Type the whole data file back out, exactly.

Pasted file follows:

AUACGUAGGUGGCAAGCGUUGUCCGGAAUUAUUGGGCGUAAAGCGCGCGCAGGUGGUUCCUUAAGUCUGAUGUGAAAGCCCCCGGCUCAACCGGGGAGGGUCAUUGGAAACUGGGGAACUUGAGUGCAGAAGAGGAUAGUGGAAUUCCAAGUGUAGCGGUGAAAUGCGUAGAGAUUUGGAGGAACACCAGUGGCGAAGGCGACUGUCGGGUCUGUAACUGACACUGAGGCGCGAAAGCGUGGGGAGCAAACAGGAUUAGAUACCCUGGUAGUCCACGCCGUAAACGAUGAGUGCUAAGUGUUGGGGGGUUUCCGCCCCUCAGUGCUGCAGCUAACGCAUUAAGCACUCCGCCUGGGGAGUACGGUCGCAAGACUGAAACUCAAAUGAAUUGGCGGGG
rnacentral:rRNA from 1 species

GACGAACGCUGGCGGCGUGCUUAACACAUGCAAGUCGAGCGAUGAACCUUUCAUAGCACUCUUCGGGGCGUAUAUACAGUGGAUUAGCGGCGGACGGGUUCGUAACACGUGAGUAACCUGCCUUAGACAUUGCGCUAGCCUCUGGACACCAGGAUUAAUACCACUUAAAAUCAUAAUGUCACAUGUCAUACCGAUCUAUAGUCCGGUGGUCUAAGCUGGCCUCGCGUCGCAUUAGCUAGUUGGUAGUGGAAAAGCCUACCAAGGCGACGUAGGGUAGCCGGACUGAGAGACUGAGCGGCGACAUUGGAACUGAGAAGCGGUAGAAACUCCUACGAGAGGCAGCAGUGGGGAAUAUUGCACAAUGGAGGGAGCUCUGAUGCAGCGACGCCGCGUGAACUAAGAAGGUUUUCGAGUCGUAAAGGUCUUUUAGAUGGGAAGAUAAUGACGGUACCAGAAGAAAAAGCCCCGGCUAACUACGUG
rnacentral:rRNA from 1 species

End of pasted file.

AUACGUAGGUGGCAAGCGUUGUCCGGAAUUAUUGGGCGUAAAGCGCGCGCAGGUGGUUCCUUAAGUCUGAUGUGAAAGCCCCCGGCUCAACCGGGGAGGGUCAUUGGAAACUGGGGAACUUGAGUGCAGAAGAGGAUAGUGGAAUUCCAAGUGUAGCGGUGAAAUGCGUAGAGAUUUGGAGGAACACCAGUGGCGAAGGCGACUGUCGGGUCUGUAACUGACACUGAGGCGCGAAAGCGUGGGGAGCAAACAGGAUUAGAUACCCUGGUAGUCCACGCCGUAAACGAUGAGUGCUAAGUGUUGGGGGGUUUCCGCCCCUCAGUGCUGCAGCUAACGCAUUAAGCACUCCGCCUGGGGAGUACGGUCGCAAGACUGAAACUCAAAUGAAUUGGCGGGG
rnacentral:rRNA from 1 species

GACGAACGCUGGCGGCGUGCUUAACACAUGCAAGUCGAGCGAUGAACCUUUCAUAGCACUCUUCGGGGCGUAUAUACAGUGGAUUAGCGGCGGACGGGUUCGUAACACGUGAGUAACCUGCCUUAGACAUUGCGCUAGCCUCUGGACACCAGGAUUAAUACCACUUAAAAUCAUAAUGUCACAUGUCAUACCGAUCUAUAGUCCGGUGGUCUAAGCUGGCCUCGCGUCGCAUUAGCUAGUUGGUAGUGGAAAAGCCUACCAAGGCGACGUAGGGUAGCCGGACUGAGAGACUGAGCGGCGACAUUGGAACUGAGAAGCGGUAGAAACUCCUACGAGAGGCAGCAGUGGGGAAUAUUGCACAAUGGAGGGAGCUCUGAUGCAGCGACGCCGCGUGAACUAAGAAGGUUUUCGAGUCGUAAAGGUCUUUUAGAUGGGAAGAUAAUGACGGUACCAGAAGAAAAAGCCCCGGCUAACUACGUG
rnacentral:rRNA from 1 species